It can be frustrating when all you want is another trip through your favorite game world, just with new features. It might seem simple enough to develop the game and launch it to the public, but what does that do to the franchise over time? Call of Duty, a game I used to play from the moment I woke up until I passed out at 3 in the morning, has tainted some of my goodwill with the abundance of releases. I don’t look back at Call of Duty: Modern Warfare 2 or Call of Duty: Black Ops with nostalgia anymore because I feel like those games are still being released every year.
The less there is of something, the more valuable it becomes, but the reverse is also true. If we keep demanding that new games are developed with consistently short time frames, we risk cheapening our experiences with those games in the long run. I have nothing against the new Call of Duty entries, but the yearly releases have largely catered to fans who look for new features rather than new experiences.
I’m not saying that franchises should never release because that definitely shouldn’t be the case, either. Games should release when their developers are genuinely happy with the direction they’ve taken the series. There are games like Call of Duty that can release more frequently because they have a different philosophy where they have multiple teams of developers who work with generally the same guidelines and restrictions. The management philosophy of those projects is to create products that are similar to one another while retaining a level of quality that is always playable at launch. Games like Elder Scrolls and Half-Life need more time to simmer to make sure the games are playable at launch and ensure that they are pushing the envelope to make those experiences fresh for players.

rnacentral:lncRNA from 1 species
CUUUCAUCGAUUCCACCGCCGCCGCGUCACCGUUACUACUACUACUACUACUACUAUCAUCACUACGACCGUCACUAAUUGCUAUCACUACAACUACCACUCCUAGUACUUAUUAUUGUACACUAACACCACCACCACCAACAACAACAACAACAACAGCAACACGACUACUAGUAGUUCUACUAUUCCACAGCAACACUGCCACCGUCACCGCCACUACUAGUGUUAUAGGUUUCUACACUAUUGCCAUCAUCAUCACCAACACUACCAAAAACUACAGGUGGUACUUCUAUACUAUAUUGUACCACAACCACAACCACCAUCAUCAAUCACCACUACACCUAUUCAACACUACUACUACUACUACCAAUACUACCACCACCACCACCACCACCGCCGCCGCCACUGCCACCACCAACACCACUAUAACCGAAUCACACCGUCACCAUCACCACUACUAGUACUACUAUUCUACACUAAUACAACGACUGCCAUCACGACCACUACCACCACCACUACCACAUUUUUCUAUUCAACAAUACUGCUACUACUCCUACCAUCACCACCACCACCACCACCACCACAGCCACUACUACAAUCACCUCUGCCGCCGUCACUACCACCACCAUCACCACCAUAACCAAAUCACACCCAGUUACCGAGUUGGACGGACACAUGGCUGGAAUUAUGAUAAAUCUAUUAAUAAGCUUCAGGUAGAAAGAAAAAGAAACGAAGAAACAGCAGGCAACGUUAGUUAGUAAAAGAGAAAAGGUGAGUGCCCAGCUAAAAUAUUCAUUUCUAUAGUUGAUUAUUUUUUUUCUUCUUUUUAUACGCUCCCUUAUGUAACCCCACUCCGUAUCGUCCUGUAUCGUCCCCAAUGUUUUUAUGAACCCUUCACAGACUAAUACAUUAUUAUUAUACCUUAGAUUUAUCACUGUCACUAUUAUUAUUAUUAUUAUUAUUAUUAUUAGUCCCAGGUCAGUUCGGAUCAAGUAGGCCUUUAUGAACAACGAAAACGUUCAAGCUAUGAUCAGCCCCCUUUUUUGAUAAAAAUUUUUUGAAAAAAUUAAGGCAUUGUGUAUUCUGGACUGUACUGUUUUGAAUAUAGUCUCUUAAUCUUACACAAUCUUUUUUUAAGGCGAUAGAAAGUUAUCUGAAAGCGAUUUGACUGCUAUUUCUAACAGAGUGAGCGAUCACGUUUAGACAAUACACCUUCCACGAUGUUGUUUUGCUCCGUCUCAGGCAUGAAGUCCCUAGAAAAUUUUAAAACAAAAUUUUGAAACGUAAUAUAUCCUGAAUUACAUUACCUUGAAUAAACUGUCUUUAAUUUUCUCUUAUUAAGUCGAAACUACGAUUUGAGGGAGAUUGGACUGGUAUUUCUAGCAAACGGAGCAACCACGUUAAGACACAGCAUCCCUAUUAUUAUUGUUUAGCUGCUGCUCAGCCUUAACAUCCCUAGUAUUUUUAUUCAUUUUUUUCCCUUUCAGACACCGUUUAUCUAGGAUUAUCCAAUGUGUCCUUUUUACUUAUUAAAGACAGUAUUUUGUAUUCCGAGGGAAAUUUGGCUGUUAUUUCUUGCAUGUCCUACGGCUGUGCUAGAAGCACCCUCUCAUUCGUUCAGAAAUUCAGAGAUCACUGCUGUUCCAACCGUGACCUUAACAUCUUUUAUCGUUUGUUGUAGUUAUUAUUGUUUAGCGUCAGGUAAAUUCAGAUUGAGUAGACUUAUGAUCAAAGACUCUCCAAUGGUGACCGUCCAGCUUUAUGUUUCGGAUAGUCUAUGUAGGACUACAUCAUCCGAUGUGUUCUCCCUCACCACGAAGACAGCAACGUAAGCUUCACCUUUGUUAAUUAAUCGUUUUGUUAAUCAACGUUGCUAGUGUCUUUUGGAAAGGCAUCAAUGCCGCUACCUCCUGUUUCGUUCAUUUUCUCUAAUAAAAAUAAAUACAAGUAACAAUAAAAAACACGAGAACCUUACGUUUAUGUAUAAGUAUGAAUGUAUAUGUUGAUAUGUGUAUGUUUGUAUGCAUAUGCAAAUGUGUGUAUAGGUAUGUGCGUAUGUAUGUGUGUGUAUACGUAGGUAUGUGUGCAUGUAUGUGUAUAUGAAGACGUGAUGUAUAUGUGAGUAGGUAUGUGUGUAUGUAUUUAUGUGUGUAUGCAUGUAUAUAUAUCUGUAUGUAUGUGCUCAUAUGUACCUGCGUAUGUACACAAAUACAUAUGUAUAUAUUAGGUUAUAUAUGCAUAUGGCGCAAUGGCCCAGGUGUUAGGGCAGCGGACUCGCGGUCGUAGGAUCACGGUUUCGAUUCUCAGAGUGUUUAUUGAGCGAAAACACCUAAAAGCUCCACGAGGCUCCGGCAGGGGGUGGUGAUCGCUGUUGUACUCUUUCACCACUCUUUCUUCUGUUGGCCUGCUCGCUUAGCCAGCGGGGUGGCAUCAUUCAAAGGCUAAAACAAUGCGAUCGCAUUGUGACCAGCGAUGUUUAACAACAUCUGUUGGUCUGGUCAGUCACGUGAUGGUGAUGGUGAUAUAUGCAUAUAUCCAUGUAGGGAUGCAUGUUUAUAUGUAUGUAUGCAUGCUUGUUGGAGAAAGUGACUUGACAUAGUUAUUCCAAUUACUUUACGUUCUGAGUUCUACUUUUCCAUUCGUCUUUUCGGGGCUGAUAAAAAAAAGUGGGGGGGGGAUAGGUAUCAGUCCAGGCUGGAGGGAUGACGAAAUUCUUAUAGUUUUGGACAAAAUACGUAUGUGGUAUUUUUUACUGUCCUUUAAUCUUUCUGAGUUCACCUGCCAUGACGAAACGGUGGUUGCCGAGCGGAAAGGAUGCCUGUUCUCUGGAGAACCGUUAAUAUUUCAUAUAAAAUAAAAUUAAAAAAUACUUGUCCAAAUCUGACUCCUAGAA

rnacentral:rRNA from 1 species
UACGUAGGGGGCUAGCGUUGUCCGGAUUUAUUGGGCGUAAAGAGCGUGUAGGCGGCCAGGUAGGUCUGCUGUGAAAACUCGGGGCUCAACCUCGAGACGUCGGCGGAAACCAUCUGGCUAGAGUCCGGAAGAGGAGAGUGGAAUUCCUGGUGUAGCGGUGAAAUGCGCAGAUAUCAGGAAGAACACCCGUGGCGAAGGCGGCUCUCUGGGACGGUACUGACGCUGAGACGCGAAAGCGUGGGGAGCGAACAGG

There are games that you can rely on to be regularly released, but there should also be ones that can release once a decade. When I think back to Skyrim, I think of my first experience playing through the game and it isn’t crowded by seven Skyrim-esque Elder Scrolls games that I struggle to differentiate between. We should appreciate Bethesda taking so long between the releases of their biggest franchises, especially when considering some of the less than stellar releases from AAA developers recently, Bethesda themselves included.
Bethesda’s release of Fallout 76 hurt me. A company I associated with quality experiences released a game that was, in many ways, unplayable. Though Skyrim was released with some bugs, they didn’t prevent me from playing through its world for extended periods of time. Fallout 76 didn’t even have the bare minimum level of polish that Skyrim had at release and it would take several large updates to get the game to an enjoyable state for many players. I don’t want these franchises that have left such positive memories for me to be tainted by rushed development cycles, lack of ideas, or dulled passions.
These quintessential franchises we clamor for are great games that deserve sequels in many cases, but trying to rush developers into releasing their games will only create more heartache in the long run. Many of these games stay in our minds because of the care and passion that went into their original releases. Trust me, I want a new Elder Scrolls game too, but I want that game to transport me to another world as Skyrim did in 2011, and I think that will only happen if Bethesda, and all game companies for that matter, release sequels they deem appropriate to the game’s integrity. Criticizing Bethesda because they won’t have the next Elder Scrolls out within a decade of the last one’s release is silly.
We can all want games, but we should never demand them or all we’ll receive are watered-down experiences. Besides, there are still quality new games being made every day that can be just fun as any of these famous franchises. There are plenty of games to explore so let’s not constantly be breathing down the necks of the developers who might genuinely be trying to make gaming better.